It’s a case of political theater turning into actual theater. On stage at Lookingglass Theatre, a new play looks at a Chicago moment from March 1981. That’s when Jane Byrne, the city’s first woman mayor, moved into the Cabrini-Green housing project. To some, it was a publicity stunt. To others, her intentions were sincere. Either way, it was theatrical.
Paris Schutz: Easter Sunday, 39 years ago. Mayor Jane Byrne, in the middle of her term, had recently moved with her husband into an apartment at Cabrini-Green. She brought a host of city services – and a disruptive security detail.
At Lookingglass Theatre, “Her Honor Jane Byrne” explores the uproar caused by the Mayor’s move – and offers a rare opportunity to a local actor.
Christine Mary Dunford, who plays Jane Byrne: I think Jane Byrne is a tremendously important historical figure to the city of Chicago. She was the first woman to hold the position, she was a leader, she had tremendous courage, she was bold, she was assertive. She was an incredible person and she actually made a huge difference in the city.
It is a great responsibility to be playing a role like Jane Byrne who, everybody who’s lived in Chicago for any length of time, or has studied or cares about Chicago, knows. So, I feel a tremendous responsibility to Jane Byrne’s family to get it right.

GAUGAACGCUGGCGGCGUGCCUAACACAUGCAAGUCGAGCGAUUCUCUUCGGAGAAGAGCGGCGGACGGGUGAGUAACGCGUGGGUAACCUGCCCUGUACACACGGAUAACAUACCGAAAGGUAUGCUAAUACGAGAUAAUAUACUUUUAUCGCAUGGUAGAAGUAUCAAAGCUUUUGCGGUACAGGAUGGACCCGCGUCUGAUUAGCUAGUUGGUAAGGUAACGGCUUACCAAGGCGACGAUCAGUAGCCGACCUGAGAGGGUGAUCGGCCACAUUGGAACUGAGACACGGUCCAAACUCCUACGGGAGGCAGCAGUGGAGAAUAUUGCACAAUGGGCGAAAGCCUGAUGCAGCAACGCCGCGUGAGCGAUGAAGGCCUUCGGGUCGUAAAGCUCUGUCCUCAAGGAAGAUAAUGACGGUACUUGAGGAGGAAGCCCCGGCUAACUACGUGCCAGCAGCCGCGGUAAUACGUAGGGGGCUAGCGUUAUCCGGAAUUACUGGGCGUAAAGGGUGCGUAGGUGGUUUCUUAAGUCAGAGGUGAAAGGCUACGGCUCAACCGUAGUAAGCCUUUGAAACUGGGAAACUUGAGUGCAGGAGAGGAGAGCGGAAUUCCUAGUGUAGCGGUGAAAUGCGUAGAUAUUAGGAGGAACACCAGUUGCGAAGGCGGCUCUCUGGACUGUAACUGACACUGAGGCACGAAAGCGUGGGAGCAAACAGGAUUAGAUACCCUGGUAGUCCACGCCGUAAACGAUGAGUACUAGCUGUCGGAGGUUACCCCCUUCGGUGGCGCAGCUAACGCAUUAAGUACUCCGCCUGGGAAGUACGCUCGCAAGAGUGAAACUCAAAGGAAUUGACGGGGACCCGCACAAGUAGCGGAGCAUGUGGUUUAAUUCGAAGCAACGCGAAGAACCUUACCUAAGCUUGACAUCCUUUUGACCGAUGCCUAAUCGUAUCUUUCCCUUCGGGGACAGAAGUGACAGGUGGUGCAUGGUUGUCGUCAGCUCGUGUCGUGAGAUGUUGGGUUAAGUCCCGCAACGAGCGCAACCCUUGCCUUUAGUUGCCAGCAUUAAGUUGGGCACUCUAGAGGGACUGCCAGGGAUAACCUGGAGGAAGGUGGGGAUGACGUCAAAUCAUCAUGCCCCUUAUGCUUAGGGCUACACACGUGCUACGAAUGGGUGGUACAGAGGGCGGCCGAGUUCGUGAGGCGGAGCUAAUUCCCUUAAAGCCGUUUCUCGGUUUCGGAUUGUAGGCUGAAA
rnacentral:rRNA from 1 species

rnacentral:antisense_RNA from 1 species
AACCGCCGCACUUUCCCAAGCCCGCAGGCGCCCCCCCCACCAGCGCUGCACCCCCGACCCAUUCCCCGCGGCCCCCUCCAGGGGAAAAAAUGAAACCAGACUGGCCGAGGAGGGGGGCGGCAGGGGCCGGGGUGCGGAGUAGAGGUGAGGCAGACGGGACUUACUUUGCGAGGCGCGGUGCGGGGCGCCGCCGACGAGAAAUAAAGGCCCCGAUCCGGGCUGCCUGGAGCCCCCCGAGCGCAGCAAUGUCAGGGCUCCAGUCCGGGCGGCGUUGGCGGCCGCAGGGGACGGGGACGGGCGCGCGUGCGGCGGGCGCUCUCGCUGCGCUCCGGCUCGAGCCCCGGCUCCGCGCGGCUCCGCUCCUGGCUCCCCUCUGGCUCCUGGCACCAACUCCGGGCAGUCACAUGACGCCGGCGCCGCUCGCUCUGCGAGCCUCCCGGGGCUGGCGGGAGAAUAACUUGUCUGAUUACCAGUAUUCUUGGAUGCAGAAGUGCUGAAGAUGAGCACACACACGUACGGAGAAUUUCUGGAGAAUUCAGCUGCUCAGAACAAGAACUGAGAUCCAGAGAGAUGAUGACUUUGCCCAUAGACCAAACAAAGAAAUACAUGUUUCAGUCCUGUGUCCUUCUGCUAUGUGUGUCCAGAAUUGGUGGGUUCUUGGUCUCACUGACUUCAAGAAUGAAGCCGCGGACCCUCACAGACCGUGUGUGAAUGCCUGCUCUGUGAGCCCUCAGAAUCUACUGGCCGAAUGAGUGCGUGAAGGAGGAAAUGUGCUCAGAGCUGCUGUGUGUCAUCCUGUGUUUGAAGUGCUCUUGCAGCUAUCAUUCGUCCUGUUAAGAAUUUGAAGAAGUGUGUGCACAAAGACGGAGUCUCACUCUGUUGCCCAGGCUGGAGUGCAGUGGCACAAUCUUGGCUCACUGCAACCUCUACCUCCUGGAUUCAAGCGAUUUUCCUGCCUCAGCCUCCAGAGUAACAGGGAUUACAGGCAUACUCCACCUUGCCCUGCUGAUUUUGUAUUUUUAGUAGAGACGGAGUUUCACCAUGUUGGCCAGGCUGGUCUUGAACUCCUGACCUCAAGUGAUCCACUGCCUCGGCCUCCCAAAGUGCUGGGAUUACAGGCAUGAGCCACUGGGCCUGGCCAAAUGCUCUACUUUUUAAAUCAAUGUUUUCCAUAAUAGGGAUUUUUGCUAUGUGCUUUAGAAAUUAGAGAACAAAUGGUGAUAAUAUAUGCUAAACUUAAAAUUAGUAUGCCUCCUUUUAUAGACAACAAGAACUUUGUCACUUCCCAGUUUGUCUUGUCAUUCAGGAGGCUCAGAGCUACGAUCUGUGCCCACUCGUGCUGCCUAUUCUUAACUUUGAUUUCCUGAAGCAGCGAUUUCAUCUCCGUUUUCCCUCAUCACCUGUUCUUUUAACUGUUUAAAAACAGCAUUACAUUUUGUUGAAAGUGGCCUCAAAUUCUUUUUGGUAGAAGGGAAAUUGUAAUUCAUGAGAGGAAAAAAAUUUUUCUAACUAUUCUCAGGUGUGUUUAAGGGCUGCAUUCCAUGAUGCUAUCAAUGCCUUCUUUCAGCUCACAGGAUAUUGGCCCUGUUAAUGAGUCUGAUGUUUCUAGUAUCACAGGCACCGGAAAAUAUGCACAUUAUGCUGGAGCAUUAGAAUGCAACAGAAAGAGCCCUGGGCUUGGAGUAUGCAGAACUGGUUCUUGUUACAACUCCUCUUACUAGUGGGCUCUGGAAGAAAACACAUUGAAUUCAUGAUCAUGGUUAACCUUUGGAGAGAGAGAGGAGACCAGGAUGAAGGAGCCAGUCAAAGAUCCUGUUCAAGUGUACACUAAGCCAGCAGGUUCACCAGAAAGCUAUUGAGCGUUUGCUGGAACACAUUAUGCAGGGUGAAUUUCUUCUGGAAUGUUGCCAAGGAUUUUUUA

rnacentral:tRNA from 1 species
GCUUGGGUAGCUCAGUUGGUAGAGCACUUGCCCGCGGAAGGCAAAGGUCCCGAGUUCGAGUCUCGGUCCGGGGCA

Schutz: At a final rehearsal before the opening, the writer-director watches the cast and takes notes.
J. Nicole Brooks, director: As a native Chicagoan I’ve always paid attention to politics. It was very important in my household growing up, and so I have early childhood memories of these iconic mayors, Mayor Byrne being one of them. I was very little, but I do recall when she moved in to Cabrini-Green.
Schutz: Playwright Nicki Brooks includes the characters of the activist and Cabrini resident Marion Stamps and Byrne’s husband, Jay McMullen.
Heidi Stillman, Lookingglass Theatre artistic director: Nicki’s work often is based on something real, and then it’s kind of like historical fiction, in a way, like “The Crown” where she’s imagining how it all went down.
Brooks: Lookingglass is my artistic home, and this is where I get to have artistic expression and get support for ideas that I bring to the stage. We have a wide spectrum of shows. This particular production has a mix of things, some of it is magical, some of it is hardcore Chicago political theater, some of it is gritty, and there’s also moments of light and laughter.
I imagine that Byrne had an incredible amount of stress because you see when you’re the first of anything -- first woman, first black person, first gay person -- first means “only” and that’s never easy. So I think mayor Byrne dealt with a lot of stress and I also think she dealt with a lot of unfair criticism.
Schutz: Byrne’s residency at Cabrini-Green did not last the length of her term as mayor, as she said it would.
Dunford: She was there for 25 days and then she stopped living there. The play suggests that she had good intentions, in my opinion, and that it probably was a failed project.
Brooks: I think the trouble with good intentions is that it can lead to all sorts of disaster. When you’re trying to solve a problem, and if you’re trying to attack it in a way that is localized, how can you really win when the problem is systemic? And I think that’s what Mayor Byrne was really up against.
“Her Honor Jane Byrne” runs through April 12 at Lookingglass Theatre.